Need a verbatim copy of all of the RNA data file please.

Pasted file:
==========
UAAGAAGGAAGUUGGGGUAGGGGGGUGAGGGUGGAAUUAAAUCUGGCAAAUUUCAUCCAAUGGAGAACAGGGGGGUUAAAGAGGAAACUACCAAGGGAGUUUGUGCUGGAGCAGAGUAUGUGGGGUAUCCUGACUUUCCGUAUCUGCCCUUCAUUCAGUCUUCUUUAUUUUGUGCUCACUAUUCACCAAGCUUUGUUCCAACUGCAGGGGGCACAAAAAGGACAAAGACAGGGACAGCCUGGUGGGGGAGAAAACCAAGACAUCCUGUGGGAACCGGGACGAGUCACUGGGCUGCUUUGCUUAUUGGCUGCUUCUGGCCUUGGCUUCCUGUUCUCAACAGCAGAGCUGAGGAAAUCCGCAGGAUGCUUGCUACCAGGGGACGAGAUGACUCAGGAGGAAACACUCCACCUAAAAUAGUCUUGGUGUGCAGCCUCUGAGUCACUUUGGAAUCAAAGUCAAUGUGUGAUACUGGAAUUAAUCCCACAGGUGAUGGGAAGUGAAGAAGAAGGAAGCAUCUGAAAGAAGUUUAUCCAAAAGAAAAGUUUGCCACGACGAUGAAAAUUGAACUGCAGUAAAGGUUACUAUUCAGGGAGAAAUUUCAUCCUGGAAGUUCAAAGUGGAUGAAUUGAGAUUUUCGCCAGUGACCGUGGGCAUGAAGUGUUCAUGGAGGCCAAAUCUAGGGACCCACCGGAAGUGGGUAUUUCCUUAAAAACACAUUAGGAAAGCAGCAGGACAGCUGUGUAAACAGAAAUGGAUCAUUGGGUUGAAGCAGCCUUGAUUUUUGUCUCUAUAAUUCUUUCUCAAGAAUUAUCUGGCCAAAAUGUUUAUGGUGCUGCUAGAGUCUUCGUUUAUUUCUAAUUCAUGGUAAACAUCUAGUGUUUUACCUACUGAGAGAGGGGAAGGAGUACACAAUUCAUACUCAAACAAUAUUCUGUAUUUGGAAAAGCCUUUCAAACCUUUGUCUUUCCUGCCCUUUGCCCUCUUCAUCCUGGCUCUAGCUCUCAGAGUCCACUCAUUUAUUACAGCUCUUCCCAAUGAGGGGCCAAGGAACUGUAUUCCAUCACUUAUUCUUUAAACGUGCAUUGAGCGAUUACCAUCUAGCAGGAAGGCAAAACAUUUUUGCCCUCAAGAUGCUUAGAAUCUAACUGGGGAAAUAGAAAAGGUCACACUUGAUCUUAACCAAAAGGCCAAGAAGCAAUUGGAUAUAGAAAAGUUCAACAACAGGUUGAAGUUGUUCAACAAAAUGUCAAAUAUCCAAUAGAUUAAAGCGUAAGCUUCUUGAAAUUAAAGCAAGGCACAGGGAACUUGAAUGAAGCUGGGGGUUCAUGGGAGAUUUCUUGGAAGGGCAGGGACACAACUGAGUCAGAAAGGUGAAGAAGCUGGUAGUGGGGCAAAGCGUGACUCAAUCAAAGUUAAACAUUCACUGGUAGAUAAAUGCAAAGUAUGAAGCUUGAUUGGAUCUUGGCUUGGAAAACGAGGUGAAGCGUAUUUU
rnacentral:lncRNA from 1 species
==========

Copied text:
UAAGAAGGAAGUUGGGGUAGGGGGGUGAGGGUGGAAUUAAAUCUGGCAAAUUUCAUCCAAUGGAGAACAGGGGGGUUAAAGAGGAAACUACCAAGGGAGUUUGUGCUGGAGCAGAGUAUGUGGGGUAUCCUGACUUUCCGUAUCUGCCCUUCAUUCAGUCUUCUUUAUUUUGUGCUCACUAUUCACCAAGCUUUGUUCCAACUGCAGGGGGCACAAAAAGGACAAAGACAGGGACAGCCUGGUGGGGGAGAAAACCAAGACAUCCUGUGGGAACCGGGACGAGUCACUGGGCUGCUUUGCUUAUUGGCUGCUUCUGGCCUUGGCUUCCUGUUCUCAACAGCAGAGCUGAGGAAAUCCGCAGGAUGCUUGCUACCAGGGGACGAGAUGACUCAGGAGGAAACACUCCACCUAAAAUAGUCUUGGUGUGCAGCCUCUGAGUCACUUUGGAAUCAAAGUCAAUGUGUGAUACUGGAAUUAAUCCCACAGGUGAUGGGAAGUGAAGAAGAAGGAAGCAUCUGAAAGAAGUUUAUCCAAAAGAAAAGUUUGCCACGACGAUGAAAAUUGAACUGCAGUAAAGGUUACUAUUCAGGGAGAAAUUUCAUCCUGGAAGUUCAAAGUGGAUGAAUUGAGAUUUUCGCCAGUGACCGUGGGCAUGAAGUGUUCAUGGAGGCCAAAUCUAGGGACCCACCGGAAGUGGGUAUUUCCUUAAAAACACAUUAGGAAAGCAGCAGGACAGCUGUGUAAACAGAAAUGGAUCAUUGGGUUGAAGCAGCCUUGAUUUUUGUCUCUAUAAUUCUUUCUCAAGAAUUAUCUGGCCAAAAUGUUUAUGGUGCUGCUAGAGUCUUCGUUUAUUUCUAAUUCAUGGUAAACAUCUAGUGUUUUACCUACUGAGAGAGGGGAAGGAGUACACAAUUCAUACUCAAACAAUAUUCUGUAUUUGGAAAAGCCUUUCAAACCUUUGUCUUUCCUGCCCUUUGCCCUCUUCAUCCUGGCUCUAGCUCUCAGAGUCCACUCAUUUAUUACAGCUCUUCCCAAUGAGGGGCCAAGGAACUGUAUUCCAUCACUUAUUCUUUAAACGUGCAUUGAGCGAUUACCAUCUAGCAGGAAGGCAAAACAUUUUUGCCCUCAAGAUGCUUAGAAUCUAACUGGGGAAAUAGAAAAGGUCACACUUGAUCUUAACCAAAAGGCCAAGAAGCAAUUGGAUAUAGAAAAGUUCAACAACAGGUUGAAGUUGUUCAACAAAAUGUCAAAUAUCCAAUAGAUUAAAGCGUAAGCUUCUUGAAAUUAAAGCAAGGCACAGGGAACUUGAAUGAAGCUGGGGGUUCAUGGGAGAUUUCUUGGAAGGGCAGGGACACAACUGAGUCAGAAAGGUGAAGAAGCUGGUAGUGGGGCAAAGCGUGACUCAAUCAAAGUUAAACAUUCACUGGUAGAUAAAUGCAAAGUAUGAAGCUUGAUUGGAUCUUGGCUUGGAAAACGAGGUGAAGCGUAUUUU
rnacentral:lncRNA from 1 species